Reference numbers and geographic abbreviations: The numbers to the extreme right of the items in the catalogue refer to the numbers of the original folders from which the items were removed. A description of the content of these folders can be found at the end of the collection. The geographic abbreviations to the extreme right of the items in the catalogue refer to the nationality of the item's author and/or the country in which the item was written. For letters written by Lev Trotsky, his secretaries, Lev Sedov, Natalia Sedova Trotsky, or the Fourth International Secretariat, the abbreviations refer to the nationality of the recipient and/or the country to which the letter was sent. A reference number and geographic abbreviation apply to both the item directly opposite them and to all ensuing items until the appearance of another reference number and geographic abbreviation. A key to the geographic abbreviations is below.
Fourth International heading: To keep large groups of related manuscripts together, all Trotskyite party papers in this collection have been catalogued under "Fourth International." Readers should bear in mind, however, that the Fourth International designation is applicable as official nomenclature only for papers composed after July of 1936.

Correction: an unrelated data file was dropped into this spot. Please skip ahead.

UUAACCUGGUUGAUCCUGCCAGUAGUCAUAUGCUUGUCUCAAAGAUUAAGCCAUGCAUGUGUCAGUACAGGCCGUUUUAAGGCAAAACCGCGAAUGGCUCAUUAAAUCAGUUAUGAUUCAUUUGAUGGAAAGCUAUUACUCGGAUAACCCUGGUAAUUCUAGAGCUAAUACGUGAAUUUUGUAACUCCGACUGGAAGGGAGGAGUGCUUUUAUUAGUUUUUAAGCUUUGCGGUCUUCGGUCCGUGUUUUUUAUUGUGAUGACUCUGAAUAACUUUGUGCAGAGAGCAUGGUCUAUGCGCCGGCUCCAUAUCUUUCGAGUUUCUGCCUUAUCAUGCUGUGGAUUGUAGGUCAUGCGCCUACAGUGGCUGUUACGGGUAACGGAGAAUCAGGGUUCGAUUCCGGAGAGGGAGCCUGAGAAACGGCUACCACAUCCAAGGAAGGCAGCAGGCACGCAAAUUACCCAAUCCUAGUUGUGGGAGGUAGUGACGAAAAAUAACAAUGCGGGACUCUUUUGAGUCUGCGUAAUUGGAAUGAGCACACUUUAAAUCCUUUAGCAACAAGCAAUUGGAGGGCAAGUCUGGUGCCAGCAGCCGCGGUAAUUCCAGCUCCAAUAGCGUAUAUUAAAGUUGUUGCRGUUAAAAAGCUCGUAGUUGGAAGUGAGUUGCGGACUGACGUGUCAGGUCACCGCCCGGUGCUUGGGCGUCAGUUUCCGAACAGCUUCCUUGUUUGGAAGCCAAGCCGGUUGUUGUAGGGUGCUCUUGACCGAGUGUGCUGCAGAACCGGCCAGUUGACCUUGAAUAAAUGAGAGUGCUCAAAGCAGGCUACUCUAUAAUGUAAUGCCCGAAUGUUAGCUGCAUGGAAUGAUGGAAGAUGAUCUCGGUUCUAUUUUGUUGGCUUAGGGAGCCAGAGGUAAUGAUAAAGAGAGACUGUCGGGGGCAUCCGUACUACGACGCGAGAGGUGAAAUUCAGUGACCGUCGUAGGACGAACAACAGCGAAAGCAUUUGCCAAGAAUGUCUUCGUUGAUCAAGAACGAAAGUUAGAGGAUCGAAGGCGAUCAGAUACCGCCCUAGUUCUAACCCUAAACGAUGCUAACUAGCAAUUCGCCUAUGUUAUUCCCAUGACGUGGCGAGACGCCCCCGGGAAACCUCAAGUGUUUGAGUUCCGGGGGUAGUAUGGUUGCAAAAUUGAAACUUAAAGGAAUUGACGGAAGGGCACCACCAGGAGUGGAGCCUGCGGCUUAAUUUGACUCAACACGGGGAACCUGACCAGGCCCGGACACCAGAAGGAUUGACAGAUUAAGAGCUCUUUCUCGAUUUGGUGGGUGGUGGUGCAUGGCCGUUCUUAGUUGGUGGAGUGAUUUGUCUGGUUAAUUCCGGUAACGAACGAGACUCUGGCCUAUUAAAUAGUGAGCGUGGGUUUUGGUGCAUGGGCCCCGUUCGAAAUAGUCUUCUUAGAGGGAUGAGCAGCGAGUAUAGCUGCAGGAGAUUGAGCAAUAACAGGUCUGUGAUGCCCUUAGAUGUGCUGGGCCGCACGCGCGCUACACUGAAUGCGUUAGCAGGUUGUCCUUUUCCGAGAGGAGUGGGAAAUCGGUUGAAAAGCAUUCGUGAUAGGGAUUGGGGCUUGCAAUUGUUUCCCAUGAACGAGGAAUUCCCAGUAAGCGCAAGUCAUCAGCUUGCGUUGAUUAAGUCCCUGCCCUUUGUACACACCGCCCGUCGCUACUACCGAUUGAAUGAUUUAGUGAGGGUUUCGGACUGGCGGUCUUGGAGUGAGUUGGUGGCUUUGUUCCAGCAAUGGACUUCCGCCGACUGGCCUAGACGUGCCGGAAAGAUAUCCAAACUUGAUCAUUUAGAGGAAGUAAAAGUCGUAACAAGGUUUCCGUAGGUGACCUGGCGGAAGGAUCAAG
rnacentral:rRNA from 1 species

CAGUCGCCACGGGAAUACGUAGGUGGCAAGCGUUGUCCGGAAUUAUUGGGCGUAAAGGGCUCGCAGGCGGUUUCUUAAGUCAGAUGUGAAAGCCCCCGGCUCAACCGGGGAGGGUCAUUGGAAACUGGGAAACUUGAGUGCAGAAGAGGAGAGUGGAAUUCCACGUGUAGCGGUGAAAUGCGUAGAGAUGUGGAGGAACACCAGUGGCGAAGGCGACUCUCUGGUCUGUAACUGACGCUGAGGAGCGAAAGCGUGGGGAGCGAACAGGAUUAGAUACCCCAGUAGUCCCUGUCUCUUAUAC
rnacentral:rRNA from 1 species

Fourth International Secretariat: To supplement material listed under "Fourth International Secretariat," readers should also refer to correspondence and compositions by members of the Secretariat - notably Eugen Bauer, Pierre Frank, Jan Frankel, Ruth Fischer, Anton Grylewicz, Rudolf Klement, Alfonso Leonetti, Pierre Naville, Alfred Rosmer, Jean Rous, Lev Sedov, Pietro Tresso, and Erwin Wolf.
Pseudonyms: An alphabetical list of pseudonyms matched with their users' real names is below. An individual's pseudonyms are also listed at the end of each entry in the first section (Letters to Lev Trotsky). In instances where an individual is generally known by his pseudonym, the pseudonym has been retained as a catalogue heading.
Annotations: Heavy blue and red pencil markings and/or annotations on many items throughout the collection are by Lev Trotsky and occasionally by one of his secretaries.

Conditions Governing Access:

There are no restrictions on physical access to this material.